Wednesday, June 30, 2010
Tuesday, June 29, 2010
I know. Those of you without kids are now sneering at your screen, and those who have kids are nodding so vigourously that you're in danger of snapping your necks. It's true. Going to the grocery store alone is a total pleasure. I can cruise up and down the aisles, pondering nutritional values and prices for seconds at a time. It's so peaceful. If they ever put in couches, I might take up residence and enjoy the opportunity to read an entire page of a book uninterrupted. I might start going there every day.
It's weird, too, because in general, shopping for food is not a chore I enjoy. I like to cook, but I hate planning meals and trying to figure out what we have on hand and what we need to buy and then trying to buy at least some of it on sale. Trying to balance nutritional value with financial concerns and environmental friendliness and three people's gastronomic preferences? No, that is not my idea of a good time. But the part where I actually get to go to the store, ALONE, and take my sweet leisurely time matching the items on the shelves to the items on my list, yes, I am starting to enjoy that a lot.
Even weirder is the fact that when Gwen was a baby, I really hated going without her. I'd see other parents with babies in the store, and I'd feel like no one knew I was in the Mom Club too. I'd strike up conversations with toddlers and want to explain to their parents that I wasn't a weird stalker, I was just curious what my daughter would be like in a year or two. Without Gwen, my very visible Mom-cred, I felt weirdly incomplete.
Nowadays, I do end up taking her along for the occasional trip. But she's so grabby and dramatic and vocal and TWO and she just refuses to understand that just because the bananas are in our cart, does NOT mean she can eat them. I wait in anxious anticipation for the day she points at someone and loudly declares how fat/old/black/ugly/different he or she is, which seems to be a favourite pastime of kids and the grocery store. I used to rush from work to daycare to pick her up, then stop at the grocery store on the way home with her because heaven forbid she be without me for ten more minutes than absolutely necessary. Now I leave her at daycare, thinking, she is having a lot more fun playing with her friends than she would be strapped into a cart being told that she can't eat ANY of the delicious foods she sees displayed in front of her.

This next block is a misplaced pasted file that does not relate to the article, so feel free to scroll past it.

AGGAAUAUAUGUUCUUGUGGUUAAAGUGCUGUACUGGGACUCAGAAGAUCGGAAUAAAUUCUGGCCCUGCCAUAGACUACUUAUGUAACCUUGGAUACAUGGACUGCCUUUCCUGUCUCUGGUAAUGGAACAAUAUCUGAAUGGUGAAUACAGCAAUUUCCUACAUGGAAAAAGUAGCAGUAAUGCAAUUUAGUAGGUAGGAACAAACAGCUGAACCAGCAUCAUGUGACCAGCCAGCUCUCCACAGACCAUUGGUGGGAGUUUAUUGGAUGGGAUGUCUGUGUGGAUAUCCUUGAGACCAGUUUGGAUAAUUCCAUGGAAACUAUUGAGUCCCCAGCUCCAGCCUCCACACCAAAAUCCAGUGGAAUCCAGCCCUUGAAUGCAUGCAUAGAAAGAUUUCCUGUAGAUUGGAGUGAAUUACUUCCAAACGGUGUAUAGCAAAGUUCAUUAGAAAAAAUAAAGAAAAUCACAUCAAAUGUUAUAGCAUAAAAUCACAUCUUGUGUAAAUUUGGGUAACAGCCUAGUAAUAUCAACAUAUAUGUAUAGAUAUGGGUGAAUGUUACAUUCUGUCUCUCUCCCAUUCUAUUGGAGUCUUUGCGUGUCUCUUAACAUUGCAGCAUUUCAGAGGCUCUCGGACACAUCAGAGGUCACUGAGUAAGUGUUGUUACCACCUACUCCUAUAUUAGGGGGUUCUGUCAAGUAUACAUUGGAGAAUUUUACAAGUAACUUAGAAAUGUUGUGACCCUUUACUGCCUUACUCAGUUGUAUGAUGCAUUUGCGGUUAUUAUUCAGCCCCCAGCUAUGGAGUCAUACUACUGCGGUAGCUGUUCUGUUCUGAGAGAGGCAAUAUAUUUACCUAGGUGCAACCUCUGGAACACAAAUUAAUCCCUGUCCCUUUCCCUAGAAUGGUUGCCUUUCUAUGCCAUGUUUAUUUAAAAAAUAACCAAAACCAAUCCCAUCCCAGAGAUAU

And Mama gets to have a good time too. Ahhh, bring on the muzak!
Monday, June 28, 2010
- completing my degree
- getting our yard/house in shape to sell
- professionalizing my blog
Any one of which could easily eat up all of my spare time (spare time being defined as "any time that Gwen is asleep and I am not at work"), and of course in typical fashion I have decided to do ALL THREE of these things. This is not at all an unusual pattern for me. At this time last year, I had agreed to and/or recommitted myself to:
- Being a member of Church Council
- Being a member of Church Call Committee (this is the group responsible for finding, choosing, and hiring a new pastor for the church)
- Going back to work full time after a year's maternity leave
Starting a new course with Athabasca University
Since the remainder of 2009 saw me suffer approximately 1,486,392 overcommitment-related panic attacks and nervous breakdowns, I SWORE this year would be different. SNORT, GUFFAW. Well, I guess it kind of is, in the sense that the projects I am committed to this time around are of my choosing; and my family, rather than any outside party, are the ones to whom I am responsible in these goals. They are much more likely to cut me a little slack when I inevitably have difficulty in balancing everything.There is a saying I came across some years ago that has stuck with me, and I really do believe it. "You can have ANYTHING that you want in life. You just can't have EVERYTHING that you want." Despite my strong belief in this, I repeatedly try to do everything at once, and drive myself crazy while doing it. I have no idea how I am going to awesome-ify my blog AND finish my degree AND become a master gardener AND continue the excellent standard of wife-and-mothering that my family has come to expect (SNORT, GUFFAW). Either way, you - my faithful readers - come out the winners: either you get to be part of an awesome online community or you get to laugh at what I'm sure will be the incredibly amusing antics I'll be performing along the way. Anything to entertain, that's me.
So, look for some interesting changes here over the next couple of months. I've bought my own domain and have hired a web developer to pretty it up for me since I have no idea how to do that myself. I'm going to learn how to get hooked up with decent ads so I might actually make some money. I'm going to try to post at least 3-4 times a week and keep up with standard of quality content that you are all used to (say it with me: SNORT, GUFFAW.)
If you'd like to help, there are a few things you can do. You can recommend this site and the Facebook fan group to your friends. You can drop me a line and tell me what you like or don't like, what you want to see more or less of in the future: I'm very open to that type of feedback. If you have any skill with graphic design or marketing, or know someone who does, PUH-LEEZE let me know - I'm especially looking for someone who can work with me in designing a logo. Oh, and you can click on the ads. That would be kind of awesome, and takes no time at all. You might even find something you want, who knows?